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I am currently near the end of earning my BFA in Drawing at The Metropolitan State College of Denver. The work below are from the latest upper division drawing class I took this past spring. I would be interested in any thoughts you might have about my work.
....more to follow!!
I can't say I'm quite sure as to what's doing on in your piece, is it abstract?
Thanks for the comment. The reason why this work may appear to be abstract is due to the light stylization of the content. In addition, because (I think) I have more of an "establishing-shot" going on, there is no real focal point that would help viewers read the composition. *oops*
What I wondering is how would I keep the sense of an enveloping environment, but present it in a way that doesn't confuse the viewer.
I would think that this work needs color to truly be successful; what do you think?
This does look a little more abstract than representational, at least to my eye. To show an environment I believe you need to convey a sense of space and this requires a "sky". Not necessarily to say it's REALLY a sky, but the "sky" is what allows for the foreground and background separation to be understood more easily. This, in my opinion, requires a contrast of values between elements you want in the "front" and elements you want in the "back." This will also give us a horizon (whether or not it's really the horizon created by ground and sky) where foreground and background touch 2-dimensionally, as well as shows us 3-dimensionally where our eye can no longer see.
Your piece is comprised of a full scale of values that appear all throughout, thus minimizing the contrast of light and dark between large shapes (such as "ground" and "sky"), and in return not allowing me to see a "sky".
It's not to say that I dislike this piece, however. I find interesting parts everywhere and it's a visual thrill with contrast in certain areas that draw my eye around focal points of the canvas. Through your mark making I'm able to understand a difference in texture between the various shapes you've created and I find myself curious as to what medium you're using to create this.
Hope that helps. I'd like to see more of your work if it's available for viewing.
I can see your point about the composition needing clues to help orient the viewer in the composition. If you look at the other drawings in the album hopefully they will prove that the compositional issues are a problem only to this piece. Hence that's why I thought adding color might solve a lot of readability problems. (I guess my attention to where the light of the sun is bursting through the canopy and reflecting off leaves, walkways and the tarps covering the tree houses did not come together; oops.)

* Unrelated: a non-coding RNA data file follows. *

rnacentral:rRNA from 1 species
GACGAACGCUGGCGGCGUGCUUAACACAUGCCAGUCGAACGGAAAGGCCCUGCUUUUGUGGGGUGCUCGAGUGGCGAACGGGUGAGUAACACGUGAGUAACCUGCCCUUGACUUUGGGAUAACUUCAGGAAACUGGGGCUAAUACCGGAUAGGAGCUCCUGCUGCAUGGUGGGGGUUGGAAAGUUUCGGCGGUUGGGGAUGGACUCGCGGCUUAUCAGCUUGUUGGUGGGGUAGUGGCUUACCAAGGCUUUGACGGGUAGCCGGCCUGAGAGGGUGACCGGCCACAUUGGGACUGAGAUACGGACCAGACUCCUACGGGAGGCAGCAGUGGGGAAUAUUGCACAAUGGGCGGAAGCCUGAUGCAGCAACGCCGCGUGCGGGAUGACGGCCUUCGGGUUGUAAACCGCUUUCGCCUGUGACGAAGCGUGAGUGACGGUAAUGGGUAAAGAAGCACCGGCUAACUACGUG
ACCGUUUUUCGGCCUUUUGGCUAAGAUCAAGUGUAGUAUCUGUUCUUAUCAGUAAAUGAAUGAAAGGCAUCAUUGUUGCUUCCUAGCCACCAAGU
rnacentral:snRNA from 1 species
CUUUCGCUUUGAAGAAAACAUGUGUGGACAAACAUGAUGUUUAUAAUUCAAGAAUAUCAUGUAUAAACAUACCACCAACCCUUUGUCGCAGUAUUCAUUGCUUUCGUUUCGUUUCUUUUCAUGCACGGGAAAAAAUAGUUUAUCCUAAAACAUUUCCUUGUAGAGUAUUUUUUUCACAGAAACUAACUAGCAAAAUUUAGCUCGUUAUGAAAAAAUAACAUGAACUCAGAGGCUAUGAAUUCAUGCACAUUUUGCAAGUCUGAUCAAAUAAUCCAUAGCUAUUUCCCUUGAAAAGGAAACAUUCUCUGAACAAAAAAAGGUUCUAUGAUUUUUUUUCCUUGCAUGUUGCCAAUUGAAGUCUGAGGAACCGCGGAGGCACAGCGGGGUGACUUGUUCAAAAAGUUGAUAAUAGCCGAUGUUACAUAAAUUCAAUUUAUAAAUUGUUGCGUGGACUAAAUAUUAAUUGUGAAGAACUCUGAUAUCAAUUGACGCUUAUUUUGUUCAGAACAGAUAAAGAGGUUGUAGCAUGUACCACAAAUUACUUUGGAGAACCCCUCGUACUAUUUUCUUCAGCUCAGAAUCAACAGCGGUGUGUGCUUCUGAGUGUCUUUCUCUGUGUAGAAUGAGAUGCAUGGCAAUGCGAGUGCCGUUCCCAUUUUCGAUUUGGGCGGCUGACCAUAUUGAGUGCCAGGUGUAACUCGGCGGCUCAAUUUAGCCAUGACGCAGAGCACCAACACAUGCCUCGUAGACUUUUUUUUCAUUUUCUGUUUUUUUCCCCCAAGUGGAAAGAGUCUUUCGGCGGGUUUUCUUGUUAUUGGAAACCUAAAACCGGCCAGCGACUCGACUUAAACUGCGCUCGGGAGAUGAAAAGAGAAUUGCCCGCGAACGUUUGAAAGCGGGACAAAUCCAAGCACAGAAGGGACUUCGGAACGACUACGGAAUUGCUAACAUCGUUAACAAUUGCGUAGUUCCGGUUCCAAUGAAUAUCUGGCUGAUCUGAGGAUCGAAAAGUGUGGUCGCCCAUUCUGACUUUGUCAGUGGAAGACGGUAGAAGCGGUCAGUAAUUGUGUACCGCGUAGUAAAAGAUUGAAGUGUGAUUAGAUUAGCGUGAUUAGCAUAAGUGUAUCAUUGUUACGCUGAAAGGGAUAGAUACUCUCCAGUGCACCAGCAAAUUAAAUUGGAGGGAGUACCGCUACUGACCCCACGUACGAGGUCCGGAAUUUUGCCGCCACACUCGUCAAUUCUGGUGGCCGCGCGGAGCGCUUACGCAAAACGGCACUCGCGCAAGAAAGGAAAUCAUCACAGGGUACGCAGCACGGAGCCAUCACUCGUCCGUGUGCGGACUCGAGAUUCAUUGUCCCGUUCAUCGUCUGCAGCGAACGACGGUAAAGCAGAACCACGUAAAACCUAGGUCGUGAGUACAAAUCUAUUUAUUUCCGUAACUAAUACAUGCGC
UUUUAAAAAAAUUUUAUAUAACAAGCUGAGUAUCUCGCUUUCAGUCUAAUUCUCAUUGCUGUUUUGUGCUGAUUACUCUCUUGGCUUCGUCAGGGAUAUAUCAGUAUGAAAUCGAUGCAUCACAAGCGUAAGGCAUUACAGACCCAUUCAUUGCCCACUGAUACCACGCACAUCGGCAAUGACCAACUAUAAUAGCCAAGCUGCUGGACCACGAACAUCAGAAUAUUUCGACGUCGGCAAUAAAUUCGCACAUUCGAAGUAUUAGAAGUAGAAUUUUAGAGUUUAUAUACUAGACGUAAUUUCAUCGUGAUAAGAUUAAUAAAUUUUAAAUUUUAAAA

As for the medium used, the drawing was created on BFK RIVES paper using pencil to workout the "structure." Then I made the drawing more permanent with a couple of Pilot pens from an office supply store (ha ha). Next, I used charcoal sticks, pencils, with electric erasers (plus others), and blending tools to achieve the final result.
Hey Will. I'm not sure if you're understanding how abstract and confusing this image looks to the average viewer. I've been looking at the image for several minutes and it almost feels like looking at those stereoscopic illusion pictures. I see lots of cool textures going on everywhere and see some hints of actual elements like a tree or two and what looks like wavy rivers.
I'd actually be curious to see what it would look like if you colored it, as you've suggested.
As it is now, it's just a wall of texture, as if I'm looking at an interesting closeup of a rock.
maybe it's a forest with roofs?
"I thought adding color might solve a lot of readability problems"
No, it never really helps. If the tonal composition does not read, adding color is not going to improve it: tone is the defining component, color is an addition. Resolve the issues with tone first.